Early in his career, to distinguish himself from his famous brother Christy Moore, Irish folkie Kevin Moore renamed himself Luka Bloom after a popular Suzanne Vega song and the hero of a James Joyce novel. Twenty years and over fourteen albums later, the name remains an apt reflection of Bloom's signature sound, which combines American-style folk songwriting with an Irish approach to performance. The result is sometimes rocking, sometimes mellow, occasionally ragged, but always effective.
Luka's distinctive, jangly guitarplay and a typically plaintive, leggato approach to lyrics provide a solid platform for some excellent singer-songwriter folk. His originals trend towards reverence and celebration, as befits his style; in cover song, as in his excellent covers album Keeper of the Flame, his approach tends to sweeten the tone of the works of others, providing a surprising depth to such melancholy rarities as Joni Mitchell's Urge for Going, Radiohead's No Surprises, and -- a repost -- Bloom's cover of LL Cool J's I Need Love. Bloom's newest, Eleven Songs, hits stores any minute now, but you can preorder now.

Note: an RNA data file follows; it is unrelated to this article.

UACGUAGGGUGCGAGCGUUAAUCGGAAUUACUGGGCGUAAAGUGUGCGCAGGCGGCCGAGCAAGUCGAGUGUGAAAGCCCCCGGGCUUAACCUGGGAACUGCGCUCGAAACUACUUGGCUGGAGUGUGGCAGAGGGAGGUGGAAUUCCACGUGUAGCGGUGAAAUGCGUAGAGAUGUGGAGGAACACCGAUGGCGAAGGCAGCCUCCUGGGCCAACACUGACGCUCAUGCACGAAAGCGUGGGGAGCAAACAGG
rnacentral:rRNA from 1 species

- Luka Bloom: Urge For Going (orig. Joni Mitchell)
- Luka Bloom: No Surprises (orig. Radiohead)
- Luka Bloom: I Need Love (orig. LL Cool J)
Solas is one of the premiere contemporary celtic folk bands around today, and -- as befits a band whose name translates to "light" in Gaelic -- they've been at the forefront of an American celtic revival since they first burst onto the scene over here just twelve years ago. As Muruch noted in her recent review of For Love and Laughter, their newest album, they've gone through some lead-singer lineup changes over the years, but since the power of Solas as a performing group is predominantly in their arrangements and full celtic sound, as led by award-winning multi-instrumentalist Seamus Egan, there's more consistency here than change, and that's a wonderful thing.
We've previously featured ex-lead singer Karan Casey here at Cover Lay Down, and I've dropped a few fave Solas covers here and there since we got things started late last year, but good music bears repeating: here's linkbacks to their version of tradsong Rain and Snow and a cover of Sarah McLachlan ballad I Will Remember You; here's a few more of my favorite folksingers' coversongs from Solas. And here's hoping that they'll let their new lead singer Mairead Phelan shine on some new ones at ICONS, too.